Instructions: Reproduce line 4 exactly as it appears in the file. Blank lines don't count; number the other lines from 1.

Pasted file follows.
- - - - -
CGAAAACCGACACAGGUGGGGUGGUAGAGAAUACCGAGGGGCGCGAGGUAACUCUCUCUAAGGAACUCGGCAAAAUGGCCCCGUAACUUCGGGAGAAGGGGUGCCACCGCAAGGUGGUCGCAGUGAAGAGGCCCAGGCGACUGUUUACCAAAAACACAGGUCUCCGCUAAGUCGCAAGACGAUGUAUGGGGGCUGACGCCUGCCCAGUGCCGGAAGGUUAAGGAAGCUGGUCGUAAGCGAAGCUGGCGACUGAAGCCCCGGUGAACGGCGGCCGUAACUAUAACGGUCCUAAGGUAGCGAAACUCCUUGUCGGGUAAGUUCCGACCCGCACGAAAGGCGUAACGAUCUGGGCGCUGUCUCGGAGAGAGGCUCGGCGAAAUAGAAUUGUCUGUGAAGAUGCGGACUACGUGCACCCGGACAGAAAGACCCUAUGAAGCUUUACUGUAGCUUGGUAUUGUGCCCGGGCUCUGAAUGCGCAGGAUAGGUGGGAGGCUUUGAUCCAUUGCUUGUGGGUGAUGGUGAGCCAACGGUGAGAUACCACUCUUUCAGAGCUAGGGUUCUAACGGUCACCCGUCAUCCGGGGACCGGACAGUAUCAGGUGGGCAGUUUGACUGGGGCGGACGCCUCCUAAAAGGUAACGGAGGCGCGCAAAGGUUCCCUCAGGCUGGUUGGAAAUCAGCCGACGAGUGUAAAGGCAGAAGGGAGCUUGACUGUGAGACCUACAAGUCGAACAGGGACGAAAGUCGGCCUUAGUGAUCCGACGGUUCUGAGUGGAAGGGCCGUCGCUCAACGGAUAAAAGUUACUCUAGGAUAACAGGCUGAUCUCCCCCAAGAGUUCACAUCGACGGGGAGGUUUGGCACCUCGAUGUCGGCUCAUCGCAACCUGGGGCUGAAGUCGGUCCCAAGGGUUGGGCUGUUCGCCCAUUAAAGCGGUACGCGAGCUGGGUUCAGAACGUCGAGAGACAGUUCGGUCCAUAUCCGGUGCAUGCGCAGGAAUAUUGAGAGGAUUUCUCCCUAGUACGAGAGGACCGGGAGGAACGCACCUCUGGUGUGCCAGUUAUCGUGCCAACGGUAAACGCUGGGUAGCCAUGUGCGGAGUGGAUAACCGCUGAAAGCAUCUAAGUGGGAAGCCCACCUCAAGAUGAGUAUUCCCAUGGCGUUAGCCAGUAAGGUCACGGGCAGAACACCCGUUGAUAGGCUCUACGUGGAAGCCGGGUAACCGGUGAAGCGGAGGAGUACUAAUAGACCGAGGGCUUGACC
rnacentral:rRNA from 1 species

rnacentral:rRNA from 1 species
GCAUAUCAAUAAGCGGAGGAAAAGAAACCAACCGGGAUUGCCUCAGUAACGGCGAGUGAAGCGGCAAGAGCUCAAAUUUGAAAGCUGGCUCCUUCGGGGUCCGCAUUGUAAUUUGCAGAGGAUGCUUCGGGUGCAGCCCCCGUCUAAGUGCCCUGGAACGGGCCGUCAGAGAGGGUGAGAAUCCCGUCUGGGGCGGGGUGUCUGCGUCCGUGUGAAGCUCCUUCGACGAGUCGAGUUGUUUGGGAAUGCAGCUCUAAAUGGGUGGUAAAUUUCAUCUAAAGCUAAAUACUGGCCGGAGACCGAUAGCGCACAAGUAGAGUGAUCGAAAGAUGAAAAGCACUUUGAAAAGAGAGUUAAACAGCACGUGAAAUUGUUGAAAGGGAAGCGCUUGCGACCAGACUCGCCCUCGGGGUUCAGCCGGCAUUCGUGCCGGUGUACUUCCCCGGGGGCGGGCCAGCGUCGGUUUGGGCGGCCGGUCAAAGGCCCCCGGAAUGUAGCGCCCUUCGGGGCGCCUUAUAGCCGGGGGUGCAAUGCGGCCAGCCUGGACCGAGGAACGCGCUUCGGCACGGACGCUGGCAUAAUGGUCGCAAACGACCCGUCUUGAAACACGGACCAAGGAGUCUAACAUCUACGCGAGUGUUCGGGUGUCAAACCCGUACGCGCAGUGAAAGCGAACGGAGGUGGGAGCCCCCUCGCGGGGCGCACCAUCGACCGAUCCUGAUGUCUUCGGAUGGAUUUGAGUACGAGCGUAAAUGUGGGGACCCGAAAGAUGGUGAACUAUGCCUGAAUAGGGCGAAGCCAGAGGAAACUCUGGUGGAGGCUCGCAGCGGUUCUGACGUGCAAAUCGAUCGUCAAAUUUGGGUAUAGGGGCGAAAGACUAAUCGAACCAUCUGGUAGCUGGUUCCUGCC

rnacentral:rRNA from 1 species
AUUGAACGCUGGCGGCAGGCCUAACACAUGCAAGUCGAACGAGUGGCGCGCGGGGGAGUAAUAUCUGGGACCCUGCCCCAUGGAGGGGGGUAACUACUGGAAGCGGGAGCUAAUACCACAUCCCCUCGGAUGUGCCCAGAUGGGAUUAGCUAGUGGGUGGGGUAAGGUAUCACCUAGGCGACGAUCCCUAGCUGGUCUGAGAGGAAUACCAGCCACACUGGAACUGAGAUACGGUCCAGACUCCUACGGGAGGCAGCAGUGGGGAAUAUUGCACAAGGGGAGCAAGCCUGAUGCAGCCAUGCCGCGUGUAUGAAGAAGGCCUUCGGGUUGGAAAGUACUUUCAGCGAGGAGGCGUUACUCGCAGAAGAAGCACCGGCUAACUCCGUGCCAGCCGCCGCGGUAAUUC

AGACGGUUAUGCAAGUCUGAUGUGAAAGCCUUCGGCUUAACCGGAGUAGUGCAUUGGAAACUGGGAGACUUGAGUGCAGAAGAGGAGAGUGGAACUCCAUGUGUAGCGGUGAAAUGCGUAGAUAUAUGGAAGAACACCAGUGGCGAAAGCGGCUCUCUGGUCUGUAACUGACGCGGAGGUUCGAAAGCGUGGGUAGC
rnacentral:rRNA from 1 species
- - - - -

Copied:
GCAUAUCAAUAAGCGGAGGAAAAGAAACCAACCGGGAUUGCCUCAGUAACGGCGAGUGAAGCGGCAAGAGCUCAAAUUUGAAAGCUGGCUCCUUCGGGGUCCGCAUUGUAAUUUGCAGAGGAUGCUUCGGGUGCAGCCCCCGUCUAAGUGCCCUGGAACGGGCCGUCAGAGAGGGUGAGAAUCCCGUCUGGGGCGGGGUGUCUGCGUCCGUGUGAAGCUCCUUCGACGAGUCGAGUUGUUUGGGAAUGCAGCUCUAAAUGGGUGGUAAAUUUCAUCUAAAGCUAAAUACUGGCCGGAGACCGAUAGCGCACAAGUAGAGUGAUCGAAAGAUGAAAAGCACUUUGAAAAGAGAGUUAAACAGCACGUGAAAUUGUUGAAAGGGAAGCGCUUGCGACCAGACUCGCCCUCGGGGUUCAGCCGGCAUUCGUGCCGGUGUACUUCCCCGGGGGCGGGCCAGCGUCGGUUUGGGCGGCCGGUCAAAGGCCCCCGGAAUGUAGCGCCCUUCGGGGCGCCUUAUAGCCGGGGGUGCAAUGCGGCCAGCCUGGACCGAGGAACGCGCUUCGGCACGGACGCUGGCAUAAUGGUCGCAAACGACCCGUCUUGAAACACGGACCAAGGAGUCUAACAUCUACGCGAGUGUUCGGGUGUCAAACCCGUACGCGCAGUGAAAGCGAACGGAGGUGGGAGCCCCCUCGCGGGGCGCACCAUCGACCGAUCCUGAUGUCUUCGGAUGGAUUUGAGUACGAGCGUAAAUGUGGGGACCCGAAAGAUGGUGAACUAUGCCUGAAUAGGGCGAAGCCAGAGGAAACUCUGGUGGAGGCUCGCAGCGGUUCUGACGUGCAAAUCGAUCGUCAAAUUUGGGUAUAGGGGCGAAAGACUAAUCGAACCAUCUGGUAGCUGGUUCCUGCC